The Way I See It

The way I see it, our history ought to guide and dictate our future, in a positive way.
On Thursday 1st August, I attended the annual service of commemoration for the worst boating disaster and probably the worst disaster ever, in the history of the federation of St. Kitts and Nevis.
It was the service of remembrance, held at the official memorial site, situated at the Samuel Hunkins Drive, which keeps in our eternal memory, the sinking of the MV Christena, on that fateful Saturday afternoon-1st of August 1970.
I remember what I was doing then.
As a little boy, I was assisting my mother with some cleaning in the living room.
Now, there are a few things that have happened in my lifetime that I seriously cannot explain and I truly plan by God’s grace, that when I get to heaven, to ask King Jesus to please explain such happenings.
One such strange occurrence, took place on that afternoon-1st August 1970.
There were two huge mirrors in that room at the time and they had been there from since I knew myself.
We had paused from our work and were talking about something, when CRASH!
One of the mirrors, without being touched or shaken, simply crashed to the wooden floor and broke into pieces.
My mother’s immediate response was: ‘That is an omen. Something bad is going to happen.’
Being the eternal skeptic as regards things supernatural, I openly scoffed at the idea, but my mother remained adamant that something really bad was going to occur and soon…..
Later that afternoon, we got the news that the MV Christena had gone down.
I remember that we all packed into my father’s car and we headed to town.
When we got in the vicinity of the pier, we learnt that they were throwing dead bodies onto the pier and most of us wanted to go there, because by now we would have heard that one of my cousins and his father should have been on the boat.
I remember my cousin Roy—Lemuel Pemberton’s brother. A very quiet individual but a superb carpenter.
One of my brothers, (who will remain unnamed for the purpose of this class), bawled so much because he did not want see any dead bodies, that my father eventually said we would return home.
There were some amazing stories coming out of that tragedy. I have since discovered that some of them were not even true and on Thursday, I finally got one cleared up.
I had always heard that the venerable Franklyn Browne, after looking for and locating his son Roger, swam all the way to the Charlestown pier.
Many times as I passed by boat in the general area of the disaster, I just could not fathom why they would have done that, when NAG”S HEAD was so much closer.
I always said if it was me, I would have headed to NAG’S Head.
It just made logical sense and Mr. Franklyn Browne was my headmaster at one point and I always knew him to be a very astute man.
Well, I finally was brave enough to ask the good gentleman, exactly what transpired, as I shook his hand on Thursday.
Well, Mr. Browne clarified that once he had found Roger, they swam towards Nag’s head and did not even get there on their own, as they were eventually picked up by a boat.
Well I newa!
I heard that the Captain of the boat, left the pier in Basseterre at least three times and turned back to collect late comers.
I heard about a particular lady who when she got there rather late, this time Captain Ponteen refused to turn back this time and the lady let out some expletives.
On the contrary, when she heard that the boat had sunk, she transferred to praise and worship, in thanking God for her spared life.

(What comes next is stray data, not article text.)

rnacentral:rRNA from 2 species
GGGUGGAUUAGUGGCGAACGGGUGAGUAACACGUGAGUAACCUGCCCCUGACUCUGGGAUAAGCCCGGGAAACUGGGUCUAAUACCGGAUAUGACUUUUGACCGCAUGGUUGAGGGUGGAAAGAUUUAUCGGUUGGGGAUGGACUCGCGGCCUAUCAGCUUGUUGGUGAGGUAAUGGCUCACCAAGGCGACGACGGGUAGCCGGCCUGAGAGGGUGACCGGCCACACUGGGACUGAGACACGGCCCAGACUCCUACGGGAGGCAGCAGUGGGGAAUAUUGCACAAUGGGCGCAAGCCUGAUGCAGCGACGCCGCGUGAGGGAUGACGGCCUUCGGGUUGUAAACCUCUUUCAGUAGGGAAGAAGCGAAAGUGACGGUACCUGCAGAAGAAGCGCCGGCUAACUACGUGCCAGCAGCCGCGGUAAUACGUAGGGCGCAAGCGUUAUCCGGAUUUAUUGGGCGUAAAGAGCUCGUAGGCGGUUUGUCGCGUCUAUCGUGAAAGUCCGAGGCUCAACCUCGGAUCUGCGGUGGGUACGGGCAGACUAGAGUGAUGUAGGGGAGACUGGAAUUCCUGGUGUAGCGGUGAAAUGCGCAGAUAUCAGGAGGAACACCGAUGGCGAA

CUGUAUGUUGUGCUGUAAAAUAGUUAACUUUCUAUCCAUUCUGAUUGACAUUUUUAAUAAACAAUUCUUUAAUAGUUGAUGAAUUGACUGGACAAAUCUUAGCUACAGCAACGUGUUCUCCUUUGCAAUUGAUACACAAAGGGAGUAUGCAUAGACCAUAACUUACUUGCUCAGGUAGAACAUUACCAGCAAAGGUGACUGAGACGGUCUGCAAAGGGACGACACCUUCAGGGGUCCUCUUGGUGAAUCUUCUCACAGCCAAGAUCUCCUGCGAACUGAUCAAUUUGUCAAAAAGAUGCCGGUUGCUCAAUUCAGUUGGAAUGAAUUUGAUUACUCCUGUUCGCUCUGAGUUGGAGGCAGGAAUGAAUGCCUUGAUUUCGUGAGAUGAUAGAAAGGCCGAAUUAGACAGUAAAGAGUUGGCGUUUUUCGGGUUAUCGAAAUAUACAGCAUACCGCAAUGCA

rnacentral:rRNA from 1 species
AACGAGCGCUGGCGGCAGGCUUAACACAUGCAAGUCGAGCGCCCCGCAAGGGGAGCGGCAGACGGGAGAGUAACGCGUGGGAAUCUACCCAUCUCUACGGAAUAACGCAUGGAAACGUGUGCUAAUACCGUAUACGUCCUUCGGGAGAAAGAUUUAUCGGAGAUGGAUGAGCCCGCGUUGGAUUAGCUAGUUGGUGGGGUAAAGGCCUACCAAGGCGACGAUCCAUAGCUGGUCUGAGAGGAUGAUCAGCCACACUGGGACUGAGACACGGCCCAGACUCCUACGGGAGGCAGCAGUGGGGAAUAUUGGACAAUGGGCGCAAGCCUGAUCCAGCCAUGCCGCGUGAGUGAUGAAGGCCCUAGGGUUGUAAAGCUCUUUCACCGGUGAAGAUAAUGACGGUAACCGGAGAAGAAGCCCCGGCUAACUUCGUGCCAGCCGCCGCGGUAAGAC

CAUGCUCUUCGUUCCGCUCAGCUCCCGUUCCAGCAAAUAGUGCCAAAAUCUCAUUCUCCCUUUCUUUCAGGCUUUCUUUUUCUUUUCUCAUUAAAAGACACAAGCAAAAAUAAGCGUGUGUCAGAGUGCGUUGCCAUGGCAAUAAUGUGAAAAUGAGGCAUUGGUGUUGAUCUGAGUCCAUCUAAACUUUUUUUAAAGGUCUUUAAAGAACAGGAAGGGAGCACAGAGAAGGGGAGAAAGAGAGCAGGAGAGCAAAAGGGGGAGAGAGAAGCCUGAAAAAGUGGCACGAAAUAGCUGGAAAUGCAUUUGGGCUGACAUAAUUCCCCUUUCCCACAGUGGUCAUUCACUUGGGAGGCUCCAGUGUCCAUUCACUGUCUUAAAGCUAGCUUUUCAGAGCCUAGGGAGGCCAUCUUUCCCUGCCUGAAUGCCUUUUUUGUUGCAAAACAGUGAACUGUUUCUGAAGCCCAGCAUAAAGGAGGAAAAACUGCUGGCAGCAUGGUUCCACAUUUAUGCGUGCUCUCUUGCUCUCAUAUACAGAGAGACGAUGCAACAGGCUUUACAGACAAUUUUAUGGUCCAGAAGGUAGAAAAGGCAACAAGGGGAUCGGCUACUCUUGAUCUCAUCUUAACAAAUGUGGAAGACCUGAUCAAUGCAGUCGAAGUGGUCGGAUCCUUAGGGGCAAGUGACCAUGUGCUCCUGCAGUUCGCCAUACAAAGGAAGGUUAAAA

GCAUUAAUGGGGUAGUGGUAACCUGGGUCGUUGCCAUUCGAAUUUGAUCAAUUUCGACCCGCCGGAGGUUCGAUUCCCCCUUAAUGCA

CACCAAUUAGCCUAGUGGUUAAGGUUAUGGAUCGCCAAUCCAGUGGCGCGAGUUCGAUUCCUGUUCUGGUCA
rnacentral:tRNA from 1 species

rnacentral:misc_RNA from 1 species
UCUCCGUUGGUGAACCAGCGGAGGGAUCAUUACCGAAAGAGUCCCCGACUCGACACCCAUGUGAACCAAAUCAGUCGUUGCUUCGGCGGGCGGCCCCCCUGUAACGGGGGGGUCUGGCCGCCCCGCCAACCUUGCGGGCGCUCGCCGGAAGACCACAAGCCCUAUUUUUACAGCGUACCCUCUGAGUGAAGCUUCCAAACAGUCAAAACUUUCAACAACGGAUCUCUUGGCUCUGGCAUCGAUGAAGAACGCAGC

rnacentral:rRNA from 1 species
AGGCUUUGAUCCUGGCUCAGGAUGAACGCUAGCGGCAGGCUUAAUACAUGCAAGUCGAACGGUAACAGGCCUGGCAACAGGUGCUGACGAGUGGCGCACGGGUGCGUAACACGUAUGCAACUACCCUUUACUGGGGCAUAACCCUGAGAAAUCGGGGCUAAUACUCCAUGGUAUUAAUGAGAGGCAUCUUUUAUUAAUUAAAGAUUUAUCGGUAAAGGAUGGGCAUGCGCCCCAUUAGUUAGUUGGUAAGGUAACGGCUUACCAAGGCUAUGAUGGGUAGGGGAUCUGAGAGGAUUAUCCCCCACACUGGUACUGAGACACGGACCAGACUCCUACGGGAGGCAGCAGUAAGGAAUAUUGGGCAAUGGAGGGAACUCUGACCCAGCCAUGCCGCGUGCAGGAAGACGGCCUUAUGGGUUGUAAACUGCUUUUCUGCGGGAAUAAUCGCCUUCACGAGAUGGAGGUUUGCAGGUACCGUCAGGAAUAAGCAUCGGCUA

Speaking of which, I understand that when the boat started to go down, there was a fine mix of expletives and prayers on the boat, as persons resorted to their natural selves, as they faced with the crisis.
I understand that some persons who could not swim were saved and some great swimmers drowned-some pulled under by persons desperate to persevere their lives.
I had a classmate from Bath Village. I think her name was Belinda (have not seen her for years).
I heard that she survived by holding onto a flask.
I heard that someone else survived on bag of breadfruit and worst case scenario, a lady was said to have held on to bag filled with ice….
Well I newa!
I also heard of a story of two persons from my area.
The guy was always a strong swimmer and when he saw the lady from our area in obvious problems and screaming her head off, he offered his assistance.
He told her to hold on to him in a particular manner, but she latched onto his neck in a choke hold.
As he started to lose consciousness, he remembered that he had heard that people who cannot swim, do not like to go under water.
So, he took a dive but guess what?
Our fair lady came back up still clutching to him.
He again beseeched her to hold him in a particular manner, but in her desperation, she maintained a vice like grip on him.
With his strength fading, he dived again and this time tore his shirt in the process.
Last he saw of her, she was clutching to a piece of his shirt…
Sad story.
However, the good news is that out of that, we have more boats; a safer service and improved conditions for sea goers.
There are also several persons and institutions who have made a concerted effort to ensure that more persons on the island, learn to swim.
Among these are: The Red Cross Society; Hon. Hazel Brandy-Williams; the SDA Jets Sports Club and Winston Crooke.
All in a bid to ensure that such a tragedy does not repeat itself.
Malcolm MOLLY Simmonds, almost brought tears to my eyes when he stated: ‘Today I am 49 years old.’
An obvious reference to the fact that he started a brand new life on the 1st of August 1970, when so many others perished.
We have a lot to thank God for and may the memory of the Christena and the circumstances surrounding the tragedy, only propel us to seek to do good for the rest of our lives.
That’s the way I see it. How do you see it?

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